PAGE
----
Category Archives: Design Within Constraints

The Ideal Solution

Attend this free webinar on March 23, 11-12 (CT). Register here.

How can you be sure that your solution is the aligned with the business outcome? What is the business outcome?  Furthermore, what is the root problem that is preventing the business outcome from being achieved?

There is a way to find out. When stakeholders come to you requesting training, like the characters in this video, use the PRIMED framework to ask questions that will reveal the business outcome and the root problem.

primed

For instance, when a stakeholder requests customer service training, avoid asking a question that focuses on the assumed solution, “What kind of training do you want?” Rather, ask something like, “What first brought this need to your attention?” (Initial Indicator) Help the stakeholder think about the why behind the training. “Can you tell me a story that’s happening in the call center that illustrates the need for training?” (Real Stories), or “Is there anything in the workplace that could be distracting them from giving good customer service?” (Distractions)

As you listen to their answers, look for a measurable business outcome (customer satisfaction scores, increase in sales) and the root problem (staff is so overwhelmed by paperwork that they can’t focus on giving good customer service, sales people lack business acumen). Once these are identified, take the information the stakeholder gives you and use your KSA filter to determine the ideal solution.

KSA Filter.png

If the root problem is a work environment or process issue (like staff being so overwhelmed by paperwork that they cannot deliver quality customer service), then the solution is to fix the process (repair broken systems, streamline processes, eliminate inefficiencies). Training is not the solution for these root problems. If, however, the issue lies on the right side of the filter, then the stakeholder who is asking for training is correct…training can affect the problem.

It’s important to identify what kind of training solution is needed: Knowledge, Skills or Attitudes, or a combination of these three.

Can the learner perform the desired behavior successfully if they are given a little guidance? If so, it’s probably a KNOWLEDGE solution. Often a job aid or visual guide accompanying the training will help learners change their behaviors without too much trouble.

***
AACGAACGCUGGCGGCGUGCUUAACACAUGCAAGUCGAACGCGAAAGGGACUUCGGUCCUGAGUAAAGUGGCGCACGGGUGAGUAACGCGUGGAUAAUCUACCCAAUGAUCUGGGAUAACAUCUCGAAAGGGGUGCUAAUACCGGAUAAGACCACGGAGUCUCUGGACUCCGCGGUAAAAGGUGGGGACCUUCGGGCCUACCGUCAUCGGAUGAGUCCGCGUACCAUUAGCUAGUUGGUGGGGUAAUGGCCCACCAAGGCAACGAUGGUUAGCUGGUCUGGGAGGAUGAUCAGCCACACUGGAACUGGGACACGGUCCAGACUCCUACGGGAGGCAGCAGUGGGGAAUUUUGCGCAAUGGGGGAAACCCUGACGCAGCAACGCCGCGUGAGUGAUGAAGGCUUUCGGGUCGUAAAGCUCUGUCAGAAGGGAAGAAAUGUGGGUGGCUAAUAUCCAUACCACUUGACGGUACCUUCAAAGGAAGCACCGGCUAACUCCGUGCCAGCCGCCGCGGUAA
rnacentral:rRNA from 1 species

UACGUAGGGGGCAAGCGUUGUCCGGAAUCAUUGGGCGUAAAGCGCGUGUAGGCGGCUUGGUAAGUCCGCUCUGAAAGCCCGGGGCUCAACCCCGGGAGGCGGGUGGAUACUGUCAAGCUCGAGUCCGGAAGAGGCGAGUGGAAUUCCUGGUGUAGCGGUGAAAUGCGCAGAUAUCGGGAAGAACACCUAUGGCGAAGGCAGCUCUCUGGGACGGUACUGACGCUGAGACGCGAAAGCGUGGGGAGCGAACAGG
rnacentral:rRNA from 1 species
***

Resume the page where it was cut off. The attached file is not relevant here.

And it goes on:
Is it reasonable to think that learners can perform the required action without practice? If not, you’re dealing with a SKILL. Your training solution needs to include practice doing the skills learners are expected to do on the job.

Are learners asking “Why do we need to change the way we are doing this? The other way was easier!” Do they feel like their performance has no impact on the entire process? This is an ATTITUDE solution, which should explain the importance of the new actions they are being asked to do, the benefits to the learner, and an understanding of how they fit into the bigger picture.

Pump your stakeholder for answers that reveal the business outcome and root problem. Use your KSA filter. Offer them a solution that will actually work!

“I Don’t Have Time To Storyboard!”

Storyboard house 1

This guy is really happy with his new home. He hired an architect, who designed it just as he envisioned. Apparently, this dude likes symmetry.

Storyboard house 2

His neighbor is not so happy. The builders just showed up and started building. The builders have a lot of re-work to do.

When a homeowner decides to build, they hire an architect, who designs something according to their wishes. The architect passes that design on to the contractor, who hires subcontractors. The house is built according to design and the homeowner is happy.

Similarly, the stakeholder in a training intervention hires an instructional designer to design a course according to their specifications. The instructional designer passes their design to the developer and the support team to create the course accordingly. The stakeholder is happy and the learning intervention is successful.

Storyboard Compare 2
Thanks to Kevin Thorn of Nuggethead Studioz for the house / course analogy.

What do the architect and the instructional designer have in common? The architect produces a blueprint. Likewise, the instructional designer creates a STORYBOARD!

The storyboard is like a blueprint for course-building. Without it, the stakeholder does not have a clear picture of what the final will look like and the likelihood of changes in the development phase increases.

A storyboard helps the designer spot problems before development begins and decreases the likelihood of an irate stakeholder who is asking you to rebuild their house.

Yet even with all of the benefits of storyboarding, few instructional designers actually do it. “I’m the designer and the developer.” “I don’t really know how.” And, of course, “I don’t have time.”

Storyboarding is a skill–a fairly simple one–that, if mastered, will save you a load of time. And it really doesn’t take that long to create a storyboard. Even if you are a one-person training department, resist the urge to put on your developer hat before the design is complete. It will save you countless hours of needless work.

I’ll share more on storyboarding techniques, but I’d like to hear some of your best practices, or frustrations, with storyboarding. Let me know in the comments!

 

High-Flying Constraints: Design Constraints For Learners

 

Picture 6-10 229 Small

We’ve talked about designing WITHIN constraints, but let’s talk about designing FOR constraints. And I’d like to start with the story behind the above picture. It’s a model plane that my 9-year-old son built. When my wife bought it for him, she thought it was going to be relatively easy to put together. Imagine her surprise when they opened up the box and found these instructions…and strips of raw of balsa wood in the box. Picture 6-10 240 Small